Since the death of Rabbi Kook, who established the Chief Rabbinate and was a chief rabbi who outlined a way and a vision, there has been no chief rabbi – neither Ashkenazi nor Sephardic – who has managed to create consensus.
If a chief rabbi fails to gain the respect and desire allowing him to represent the people – and this has been the situation for many years – the continued existence of this institution is devoid of meaning. It's not the title of "chief rabbi" which generates appreciation, but the personality and ability of the person holding this title to design the midpoint where the majority of the people are located.
Some will say that the Chief Rabbinate supervises the nation's religious services. To those people I say that kashrut is a technical, rather than spiritual, matter. In fact, all religious services the State must provide to those citizens interested in them are technical. Building a ritual bath is technical. A cemetery is technical. Marrying couples is technical. Technical in a way that its rules are clear and there is no need to reinvent the wheel. A chief rabbi should be a spiritual authority, not a kosher supervisor.
In every synagogue there is a neighborhood or community rabbi capable of meeting his flock's needs on issues he engages in; ultra-Orthodox yeshivot disregard the Chief Rabbinate in any case and each faction has its own rebbe who is seen as the supreme authority; and a Torah sage does not need the Rabbinate in order to issue halachic rulings to those interested in them. In order to deal with the technical issues, a government ministry will suffice.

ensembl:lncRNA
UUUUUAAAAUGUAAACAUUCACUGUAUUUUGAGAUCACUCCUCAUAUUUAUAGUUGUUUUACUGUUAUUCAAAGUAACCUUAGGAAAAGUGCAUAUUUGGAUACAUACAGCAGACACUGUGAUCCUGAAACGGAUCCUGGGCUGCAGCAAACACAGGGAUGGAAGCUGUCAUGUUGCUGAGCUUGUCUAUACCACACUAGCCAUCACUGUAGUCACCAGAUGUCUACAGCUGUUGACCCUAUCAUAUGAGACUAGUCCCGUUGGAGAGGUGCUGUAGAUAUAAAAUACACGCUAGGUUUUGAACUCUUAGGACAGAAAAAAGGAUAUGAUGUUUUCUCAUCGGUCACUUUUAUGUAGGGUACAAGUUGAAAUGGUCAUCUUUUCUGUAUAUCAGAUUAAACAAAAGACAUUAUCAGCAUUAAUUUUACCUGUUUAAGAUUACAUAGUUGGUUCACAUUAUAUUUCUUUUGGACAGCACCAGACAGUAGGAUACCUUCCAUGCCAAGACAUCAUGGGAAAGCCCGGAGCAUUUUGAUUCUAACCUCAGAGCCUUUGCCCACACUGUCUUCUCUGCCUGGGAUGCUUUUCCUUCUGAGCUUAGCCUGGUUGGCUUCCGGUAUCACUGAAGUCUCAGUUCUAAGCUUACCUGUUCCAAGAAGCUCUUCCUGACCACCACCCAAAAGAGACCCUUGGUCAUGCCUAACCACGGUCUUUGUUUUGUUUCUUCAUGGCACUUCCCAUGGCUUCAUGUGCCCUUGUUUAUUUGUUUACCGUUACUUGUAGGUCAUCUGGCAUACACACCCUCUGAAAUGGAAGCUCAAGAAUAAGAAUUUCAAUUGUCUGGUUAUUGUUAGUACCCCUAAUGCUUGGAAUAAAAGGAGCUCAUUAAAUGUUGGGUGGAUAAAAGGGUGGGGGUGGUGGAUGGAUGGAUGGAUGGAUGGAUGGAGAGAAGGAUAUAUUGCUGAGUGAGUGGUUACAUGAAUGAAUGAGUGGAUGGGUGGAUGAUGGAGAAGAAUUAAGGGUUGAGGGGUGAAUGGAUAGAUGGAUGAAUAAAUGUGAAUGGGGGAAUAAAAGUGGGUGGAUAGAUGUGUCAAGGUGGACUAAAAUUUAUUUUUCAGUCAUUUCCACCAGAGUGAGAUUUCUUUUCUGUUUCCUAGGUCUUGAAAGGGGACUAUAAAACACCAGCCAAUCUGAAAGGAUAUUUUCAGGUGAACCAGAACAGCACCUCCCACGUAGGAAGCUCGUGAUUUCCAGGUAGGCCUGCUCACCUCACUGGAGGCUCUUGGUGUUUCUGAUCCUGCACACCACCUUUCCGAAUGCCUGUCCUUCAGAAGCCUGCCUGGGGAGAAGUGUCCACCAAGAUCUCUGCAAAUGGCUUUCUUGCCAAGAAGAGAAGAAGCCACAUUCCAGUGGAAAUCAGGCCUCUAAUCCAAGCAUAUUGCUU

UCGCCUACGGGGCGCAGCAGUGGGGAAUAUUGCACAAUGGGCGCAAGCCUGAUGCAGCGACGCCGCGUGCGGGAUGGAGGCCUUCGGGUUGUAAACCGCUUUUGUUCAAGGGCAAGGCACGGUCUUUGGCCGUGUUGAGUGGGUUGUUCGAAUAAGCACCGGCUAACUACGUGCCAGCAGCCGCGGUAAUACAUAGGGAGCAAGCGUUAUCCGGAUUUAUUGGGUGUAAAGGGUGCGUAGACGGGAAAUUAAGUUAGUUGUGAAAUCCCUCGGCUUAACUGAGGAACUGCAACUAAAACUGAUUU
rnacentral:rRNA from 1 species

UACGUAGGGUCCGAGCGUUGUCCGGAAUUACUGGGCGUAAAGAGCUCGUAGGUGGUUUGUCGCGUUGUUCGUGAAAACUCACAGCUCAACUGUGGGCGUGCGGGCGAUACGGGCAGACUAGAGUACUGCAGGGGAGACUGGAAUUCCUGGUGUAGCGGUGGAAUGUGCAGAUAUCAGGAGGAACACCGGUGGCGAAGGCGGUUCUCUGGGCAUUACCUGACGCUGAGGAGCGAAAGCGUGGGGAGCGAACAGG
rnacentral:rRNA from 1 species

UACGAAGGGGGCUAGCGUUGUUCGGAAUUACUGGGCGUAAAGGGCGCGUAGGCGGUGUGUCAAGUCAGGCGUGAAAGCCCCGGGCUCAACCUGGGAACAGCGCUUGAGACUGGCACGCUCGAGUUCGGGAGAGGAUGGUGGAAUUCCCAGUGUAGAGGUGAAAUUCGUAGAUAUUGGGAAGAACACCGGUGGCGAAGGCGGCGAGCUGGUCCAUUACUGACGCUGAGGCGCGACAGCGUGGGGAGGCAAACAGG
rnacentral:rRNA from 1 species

Unfortunately, and regardless of suspicions that Rabbi Metzger allegedly took a bribe and engaged in money laundering, the Chief Rabbinate has turned into an axe to grind. A title devoid of meaning, which has nothing to do with religious leadership.
I can't recall, for years, a halachic ruling which made a difference in the world. Instead, the Chief Rabbinate has become a synonym for nepotism, charging money to hold a Jewish marriage ceremony, refusal to accept the other, stationing kosher supervisor in necessary and unnecessary places, etc. There is no wonder then that the demand to shut it down is being voiced today from within the religious sector as well.
The Rabbinate – both the Ashkenazi and Sephardic – has distanced itself from the people, and instead of serving as an accepted and uniting common denominator, has distanced the people from religion. It should be closed, the sooner the better.